The Air Force Research Laboratory plans to use an F-16 fighter jet to conduct initial demonstrations of its new Gray Wolf cruise missile, according to Lockheed Martin [LMT], one of two companies recently awarded contracts to develop the weapon.

The missile, which will use “networked, collaborative behaviors,” or swarming, to defeat integrated air defense systems, will also be designed to be compatible with F-15, F/A-18 and F-35 fighters and B-1, B-2 and B-52 bombers, Lockheed Martin said Dec. 27.

A U.S. Air Force F-16. Photo: Air Force.
A U.S. Air Force F-16. Photo: Air Force.

Lockheed Martin and Northrop Grumman [NOC] each received $110 million contracts in December to design, build and test prototypes of the cruise missile. According to Pentagon announcements, the contracts are for five years and seven years, respectively.

The program calls for open architectures and modular designs so that upgrades can be tested and fielded quickly. Such future improvements could include more lethal warheads or more fuel-efficient engines, said Hady Mourad, director of the advanced missiles program at Lockheed Martin Missiles and Fire Control.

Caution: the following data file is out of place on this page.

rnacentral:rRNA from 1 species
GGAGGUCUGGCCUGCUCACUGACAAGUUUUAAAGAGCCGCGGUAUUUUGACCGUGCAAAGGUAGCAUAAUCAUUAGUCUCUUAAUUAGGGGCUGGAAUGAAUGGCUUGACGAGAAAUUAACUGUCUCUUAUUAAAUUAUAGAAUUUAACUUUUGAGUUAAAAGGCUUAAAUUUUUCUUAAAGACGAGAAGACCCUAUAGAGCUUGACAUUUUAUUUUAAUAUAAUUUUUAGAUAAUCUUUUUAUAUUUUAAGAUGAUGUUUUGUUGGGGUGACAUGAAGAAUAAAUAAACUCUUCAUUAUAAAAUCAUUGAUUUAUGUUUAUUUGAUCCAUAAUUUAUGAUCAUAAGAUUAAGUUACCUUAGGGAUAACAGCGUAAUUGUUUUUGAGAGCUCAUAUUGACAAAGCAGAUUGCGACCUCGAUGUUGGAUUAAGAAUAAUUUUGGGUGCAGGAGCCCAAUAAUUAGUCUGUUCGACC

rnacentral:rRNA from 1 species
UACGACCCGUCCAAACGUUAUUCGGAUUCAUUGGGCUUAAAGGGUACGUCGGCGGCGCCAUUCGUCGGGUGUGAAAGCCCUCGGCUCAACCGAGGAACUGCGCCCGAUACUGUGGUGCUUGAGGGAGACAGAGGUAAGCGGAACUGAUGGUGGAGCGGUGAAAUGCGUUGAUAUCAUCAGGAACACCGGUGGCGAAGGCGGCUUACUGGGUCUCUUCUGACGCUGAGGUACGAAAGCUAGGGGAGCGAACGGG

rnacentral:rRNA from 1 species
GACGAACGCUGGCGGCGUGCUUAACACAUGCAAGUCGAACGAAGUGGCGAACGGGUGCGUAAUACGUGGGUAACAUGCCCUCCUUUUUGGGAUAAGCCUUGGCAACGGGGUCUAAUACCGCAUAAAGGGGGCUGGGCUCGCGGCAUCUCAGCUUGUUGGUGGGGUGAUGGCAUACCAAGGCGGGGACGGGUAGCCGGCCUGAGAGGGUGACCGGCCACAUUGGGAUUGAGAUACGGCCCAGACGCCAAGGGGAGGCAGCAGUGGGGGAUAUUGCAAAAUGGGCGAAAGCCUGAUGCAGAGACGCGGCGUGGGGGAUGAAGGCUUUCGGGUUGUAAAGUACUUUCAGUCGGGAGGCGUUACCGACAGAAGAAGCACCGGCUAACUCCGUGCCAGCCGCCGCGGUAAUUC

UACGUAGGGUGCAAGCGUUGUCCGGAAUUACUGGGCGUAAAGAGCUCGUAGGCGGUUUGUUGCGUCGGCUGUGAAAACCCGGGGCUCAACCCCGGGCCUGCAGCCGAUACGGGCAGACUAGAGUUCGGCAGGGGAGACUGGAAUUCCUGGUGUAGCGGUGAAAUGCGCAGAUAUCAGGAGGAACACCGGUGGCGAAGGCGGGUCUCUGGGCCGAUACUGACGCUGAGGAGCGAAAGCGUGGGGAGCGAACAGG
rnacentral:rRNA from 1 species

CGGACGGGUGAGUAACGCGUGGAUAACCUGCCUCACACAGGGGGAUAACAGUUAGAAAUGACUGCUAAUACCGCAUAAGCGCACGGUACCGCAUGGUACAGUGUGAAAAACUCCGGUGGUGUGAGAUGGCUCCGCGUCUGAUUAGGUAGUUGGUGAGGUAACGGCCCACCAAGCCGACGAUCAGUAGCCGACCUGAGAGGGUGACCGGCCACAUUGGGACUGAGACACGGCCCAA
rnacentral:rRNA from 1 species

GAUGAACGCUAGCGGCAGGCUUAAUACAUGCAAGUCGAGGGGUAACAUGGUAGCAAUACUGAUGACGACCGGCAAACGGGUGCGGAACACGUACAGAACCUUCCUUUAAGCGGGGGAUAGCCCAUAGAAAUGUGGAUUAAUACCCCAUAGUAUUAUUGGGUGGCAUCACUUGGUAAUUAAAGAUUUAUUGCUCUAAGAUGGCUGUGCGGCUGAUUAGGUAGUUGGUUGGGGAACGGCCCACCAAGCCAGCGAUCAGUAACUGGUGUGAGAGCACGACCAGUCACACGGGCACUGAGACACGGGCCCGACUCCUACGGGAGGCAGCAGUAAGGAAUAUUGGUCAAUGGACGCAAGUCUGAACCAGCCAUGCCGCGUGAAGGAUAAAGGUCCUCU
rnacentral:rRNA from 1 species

The U.S. military has shown increasing interest in swarming technology. In an October 2016 test, for example, the Department of Defense’s Strategic Capabilities Office launched a swarm of 103 Perdix micro unmanned aerial vehicles from three F/A-18 Super Hornets (Defense Daily, Jan. 9, 2017). The UAVs flew together in a straight line, a horseshoe and a circle.

In a February 2017 test, the Naval Postgraduate School pitted two swarms of small foam gliders against each other (Defense Daily, Feb. 16, 2017). The unarmed UAVs tried to maneuver behind their adversaries to simulate a dogfight-like kill.